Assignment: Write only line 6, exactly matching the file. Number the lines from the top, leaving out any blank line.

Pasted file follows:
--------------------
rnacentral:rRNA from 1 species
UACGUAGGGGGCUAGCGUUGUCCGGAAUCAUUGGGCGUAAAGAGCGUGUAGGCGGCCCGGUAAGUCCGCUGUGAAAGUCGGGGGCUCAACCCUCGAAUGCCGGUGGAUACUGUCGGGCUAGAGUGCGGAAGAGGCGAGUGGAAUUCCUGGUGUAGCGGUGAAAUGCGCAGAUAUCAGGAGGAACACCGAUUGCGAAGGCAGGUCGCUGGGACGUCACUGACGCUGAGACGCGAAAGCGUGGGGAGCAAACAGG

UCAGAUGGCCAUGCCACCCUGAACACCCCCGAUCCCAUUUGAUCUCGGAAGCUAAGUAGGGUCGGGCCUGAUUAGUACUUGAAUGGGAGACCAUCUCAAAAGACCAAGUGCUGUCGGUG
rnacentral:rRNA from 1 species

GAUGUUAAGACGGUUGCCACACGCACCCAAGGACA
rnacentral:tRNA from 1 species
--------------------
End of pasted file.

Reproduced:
rnacentral:tRNA from 1 species